Take-Away: It is common to find in discretionary trusts use of the historic ascertainable standard health, education, maintenance, and support.” This phrase finds its origins in the Tax Code, yet even the Tax Code’s Regulations do not attempt to define the term health. The concept of health may be a bit more elastic than originally imagined, and a challenge for a trustee to administer with modern medicine that evolves as fast as it does.

Background: This month’s National Geographic devoted almost its entire issue to modern medicine and the growing recognition by the medical community of the medical benefits that can be derived from ancient Chinese remedies, like bear bile or herbal treatment remedies. [Apparently bear bile acid, of all things, can be used to maintain cell strength and to improve a human’s immune system treating maladies like epilepsy and heart pain- bears that hibernate throughout long winter months come out after those months of hibernation without any discernable loss of muscle mass despite the total absence of any nutrients.] This extensive article got me thinking about a trustee that is confronted with a distribution request by a beneficiary for an advanced medical treatment that is not fully vetted, science-based, or which has its origins in ancient remedies. If the trust instrument merely provides for discretionary distributions for a beneficiary’s health, how would the trustee respond in a rapidly changing world of medical science, new technologies, or when old-time herbal remedies now receive second-looks by the conventional medical establishment, which may appear fad-like on their face, but which could nonetheless provide some level of medical benefit?

  • Tax Code: The term-of-art health, education maintenance and support is found in IRC 2041(b) [estate tax] and IRC 2514(c) [gift tax] which deal with powers of appointment.
  • Ascertainable Standard: The phrase health, education, maintenance and support is often (but not always) used to limit a trustee-beneficiary’s discretion in order to avoid negative transfer tax consequences for the trustee-beneficiary. The trustee’s power to distribute trust property is a general power of appointment for federal transfer tax purposes if the power can be exercised for the trustee’s own direct or indirect benefit. [IRC 2041(b)(1)(A) and IRC 2514.] If, however, the exercise of that power of appointment is limited or restricted in such a way that the power is not the equivalent of ownership, the power is not then treated as a general power of appointment. [IRC 2514(c)(1).] One such restriction is that the power is limited by an ascertainable standard that relates to the power-holder’s own health, education, support or maintenance. Accordingly, injecting the ascertainable standard into a trustee’s discretionary distribution authority will avoid adverse tax consequences for the trustee-beneficiary, and prevent the trustee-beneficiary’s creditors from reaching the assets held in the trust. But using that same term-of-art in the absence of any tax reasons for doing so, e.g. the beneficiary will never serve as the trustee of the beneficiary’s trust, merely makes the trustee’s task to exercise discretion that much more of a challenge, especially when the trust instrument provides little or no guidance with respect to the scope of the trustee’s exercise of discretion beyond the words that constitute the ascertainable standard.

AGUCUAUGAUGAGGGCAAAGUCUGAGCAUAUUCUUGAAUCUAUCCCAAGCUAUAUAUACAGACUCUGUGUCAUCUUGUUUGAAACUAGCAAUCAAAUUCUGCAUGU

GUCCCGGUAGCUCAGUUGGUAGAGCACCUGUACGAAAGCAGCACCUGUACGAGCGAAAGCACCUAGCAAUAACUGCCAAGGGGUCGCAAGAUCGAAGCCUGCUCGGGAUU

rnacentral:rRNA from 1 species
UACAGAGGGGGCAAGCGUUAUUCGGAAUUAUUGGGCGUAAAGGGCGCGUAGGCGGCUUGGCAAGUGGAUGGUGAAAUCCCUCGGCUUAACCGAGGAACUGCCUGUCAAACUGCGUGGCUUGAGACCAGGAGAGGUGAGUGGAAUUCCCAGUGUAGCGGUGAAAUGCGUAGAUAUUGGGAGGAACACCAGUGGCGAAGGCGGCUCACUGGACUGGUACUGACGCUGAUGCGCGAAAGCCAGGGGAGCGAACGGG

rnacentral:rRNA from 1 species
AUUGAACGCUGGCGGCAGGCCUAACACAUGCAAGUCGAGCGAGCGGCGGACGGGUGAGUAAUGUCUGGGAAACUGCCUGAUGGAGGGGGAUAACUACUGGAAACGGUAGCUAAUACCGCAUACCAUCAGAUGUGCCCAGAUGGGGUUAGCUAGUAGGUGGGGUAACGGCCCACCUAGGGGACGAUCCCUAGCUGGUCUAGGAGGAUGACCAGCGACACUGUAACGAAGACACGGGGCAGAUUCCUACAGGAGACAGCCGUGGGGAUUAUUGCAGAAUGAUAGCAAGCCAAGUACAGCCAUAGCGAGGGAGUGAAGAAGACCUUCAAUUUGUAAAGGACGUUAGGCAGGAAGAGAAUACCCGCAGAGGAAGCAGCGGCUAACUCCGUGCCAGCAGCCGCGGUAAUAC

• State Law Governs: While federal law determines how to tax property rights and interests, state law determines those property rights and interests. [S. v. Rogers, 461 U.S. 667, 689 (1983)] Restated, it is Michigan’s law, not the Tax Code or its Regulations, that will be used to interpret the language that is used in a trust instrument. The Tax Code and its Regulations will only determine how the tax laws apply to the property interests that the trust instrument creates.